So I went to Beauvais. No, not Paris, Beauvais. And I liked it a lot!

For those who have never heard of Beauvais, it is a small town of 55,000, about an hour and a half north of Paris by car. It is probably best known for its small airport, which exploded in popularity with the arrival of low-cost carriers. In 1996, the airport served 60,000 passengers and last year, nearly 4 million. I flew there from Vilnius and wanted to get to a hotel near Charles-de-Gaulle airport, in order to catch a morning flight to Canada. Not wanting to go into Paris and then get back out to CDG, which is also north of the city, I looked for a direct route and found a twice daily shuttle to EuroDisney, which can drop you off at CDG airport on the way. The trouble is, I would have to wait six hours.

Really not wanting to do the back and forth in and out of Paris, I figured I would go to Beauvais itself, have lunch and possibly go to the cinema.

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As soon as I walked past City Hall, I realized it was not the village I had thought it to be. I went to the tourist office and they recommended I visit the cathedral and a little museum. Nothing sounded very interesting, but was I ever in for a surprise!

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The Cathedral of St-Peter of Beauvais is widely considered to be the craziest ever project of Gothic architecture.

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Built in the 13th century, its nave is not the highest in the Oise Department. At 48.5 m, it is the highest in the whole world, a few meters higher than St-Peter of Rome!

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800 years ago, this was absolute madness. It pushed Gothic technology to its absolute limits, and in many ways, beyond the limits. In 1284, part of the nave collapsed, and since then, the building has been in a kind of permanent situation of imminent collapse!

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Today emergency structures hold some of the columns in place.

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And the flying buttresses are held together with steel rods, installed recently to replace iron rods which had been installed at an unknown date.

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Apart from the extreme architecture, it is a normal Catholic cathedral, with two organs.

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One Joan-of-Arc.

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And a Great War Cenotaph.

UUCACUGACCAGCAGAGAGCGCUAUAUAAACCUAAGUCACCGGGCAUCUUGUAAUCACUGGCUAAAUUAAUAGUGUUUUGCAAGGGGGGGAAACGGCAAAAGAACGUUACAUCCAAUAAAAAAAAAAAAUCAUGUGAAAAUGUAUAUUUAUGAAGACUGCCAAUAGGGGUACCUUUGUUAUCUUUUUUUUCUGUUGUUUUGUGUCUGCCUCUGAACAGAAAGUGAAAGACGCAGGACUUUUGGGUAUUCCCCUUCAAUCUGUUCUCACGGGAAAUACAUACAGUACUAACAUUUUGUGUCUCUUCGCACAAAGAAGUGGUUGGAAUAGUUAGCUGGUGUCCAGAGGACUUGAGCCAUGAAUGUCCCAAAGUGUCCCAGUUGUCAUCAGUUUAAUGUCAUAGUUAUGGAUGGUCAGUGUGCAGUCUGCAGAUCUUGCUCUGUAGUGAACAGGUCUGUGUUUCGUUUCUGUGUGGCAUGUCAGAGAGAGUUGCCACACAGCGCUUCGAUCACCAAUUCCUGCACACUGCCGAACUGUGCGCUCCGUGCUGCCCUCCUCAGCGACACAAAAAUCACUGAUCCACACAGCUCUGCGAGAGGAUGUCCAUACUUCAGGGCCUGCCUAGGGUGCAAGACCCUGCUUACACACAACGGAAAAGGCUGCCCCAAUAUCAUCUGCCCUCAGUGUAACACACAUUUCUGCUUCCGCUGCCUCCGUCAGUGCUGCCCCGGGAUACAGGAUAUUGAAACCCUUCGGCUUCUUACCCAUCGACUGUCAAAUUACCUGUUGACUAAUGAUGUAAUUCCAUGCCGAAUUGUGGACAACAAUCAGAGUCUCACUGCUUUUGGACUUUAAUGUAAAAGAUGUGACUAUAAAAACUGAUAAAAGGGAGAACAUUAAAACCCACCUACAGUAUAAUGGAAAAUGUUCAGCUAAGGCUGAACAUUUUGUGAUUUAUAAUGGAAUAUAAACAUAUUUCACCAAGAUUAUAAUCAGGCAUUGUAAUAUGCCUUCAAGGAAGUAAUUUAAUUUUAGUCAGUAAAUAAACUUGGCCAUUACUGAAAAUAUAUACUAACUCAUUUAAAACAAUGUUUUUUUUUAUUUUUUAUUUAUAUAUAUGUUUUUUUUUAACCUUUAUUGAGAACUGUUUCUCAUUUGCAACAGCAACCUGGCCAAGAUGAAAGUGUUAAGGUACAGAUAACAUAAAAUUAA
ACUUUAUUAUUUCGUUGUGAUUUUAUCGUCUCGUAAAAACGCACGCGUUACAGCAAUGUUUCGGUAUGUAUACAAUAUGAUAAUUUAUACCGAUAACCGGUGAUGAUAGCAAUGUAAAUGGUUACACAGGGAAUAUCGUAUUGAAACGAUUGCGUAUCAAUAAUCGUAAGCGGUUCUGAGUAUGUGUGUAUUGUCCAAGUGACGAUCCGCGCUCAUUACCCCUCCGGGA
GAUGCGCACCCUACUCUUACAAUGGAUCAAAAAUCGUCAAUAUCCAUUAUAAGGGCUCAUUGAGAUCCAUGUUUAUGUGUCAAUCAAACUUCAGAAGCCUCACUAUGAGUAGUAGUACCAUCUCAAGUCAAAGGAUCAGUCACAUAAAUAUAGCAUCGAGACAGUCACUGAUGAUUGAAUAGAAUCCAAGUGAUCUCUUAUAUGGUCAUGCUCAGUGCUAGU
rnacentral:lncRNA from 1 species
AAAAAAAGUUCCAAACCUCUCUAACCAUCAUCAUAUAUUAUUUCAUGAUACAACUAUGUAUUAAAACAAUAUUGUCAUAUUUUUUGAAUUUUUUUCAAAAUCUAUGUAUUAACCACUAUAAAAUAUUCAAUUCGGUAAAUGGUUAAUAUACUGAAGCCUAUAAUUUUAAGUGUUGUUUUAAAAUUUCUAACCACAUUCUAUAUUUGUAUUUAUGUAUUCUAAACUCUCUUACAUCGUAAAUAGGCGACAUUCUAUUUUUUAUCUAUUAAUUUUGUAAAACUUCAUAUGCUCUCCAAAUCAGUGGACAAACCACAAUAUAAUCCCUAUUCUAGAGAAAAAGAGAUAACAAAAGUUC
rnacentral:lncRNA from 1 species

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Nearby, there is a small museum to peasant life, set in a 15th century home, called Maison des paysannes de l’Oise. Unfortunately, opened only 4 days a week.

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Behind the Cathedral, a modest departmental museum, which may hold more than I saw, as parts of it seemed to be under renovation. Strangely, you must get a ticket to enter, but the ticket is free.

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Inside, an exhibit by French printmaker Mario Avati, who died in 2009. A lot of unique works, but with glossy black backgrounds in a room full of windows, nearly impossible to photograph properly.

Eventually I settled in a cafe and filed my income tax declaration online! It had been a long time since I had been in France anywhere outside of Paris. If you speak French, it is always a pleasure to rediscover the extreme politeness and formal yet not stuffy demeanour of people in small French towns.

So, if you ever fly in or out of Beauvais at a reasonable time of the day, I highly recommend you avoid the regular bus shuttles between the airport and Paris. Take the train from Gare-du-Nord to Beauvais and spend a few hours there, the tourism office will even hold your luggage. The train doesn’t go to the airport, but it is only a few kilometres by taxi. I simply took the city bus, with takes 15-20 minutes and costs less than a Euro.

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Finally, ugly transparent garbage cans at the airport, brought to you by… Islamic terrorists, of course! France adopted these after a wave of garbage can bombs in the 1990s. In fact, when my mother is concerned about my travels to terrorist infested places like Yemen or the Danakil, I remind her that the closest terrorists ever came to killing me was in Paris, when the August 17 1995 Arc the Triomphe bomb exploded just two blocks from where I was standing, injuring 17 people.

Unlike Bin Laden, justice was not slow in the making. The next month, police got word of where the terrorist might be hiding, in a small French town. They didn’t call the local cops, they surrounded to town by dropping a squadron or airborne gendarmes! (The old EPIGN). Khaled Kelkal was shot and wounded and from the ground, raised his pistol to fire at the numerous elite gendarmes surrounding him. Not a very good idea, as he was then shot about a hundred times in 2 seconds, all on live TV.

I now write this from Canada, where I am taking a two month break from travelling. From mid-July to late September, I will be back in Europe. Tomorrow or the next day, I will post the itinerary on Facebook, perhaps some of you will have travel advice. Between now and then, I may post a few things from Canada, or even “prequels” I had been thinking of doing from my pre-blog travels.

#France

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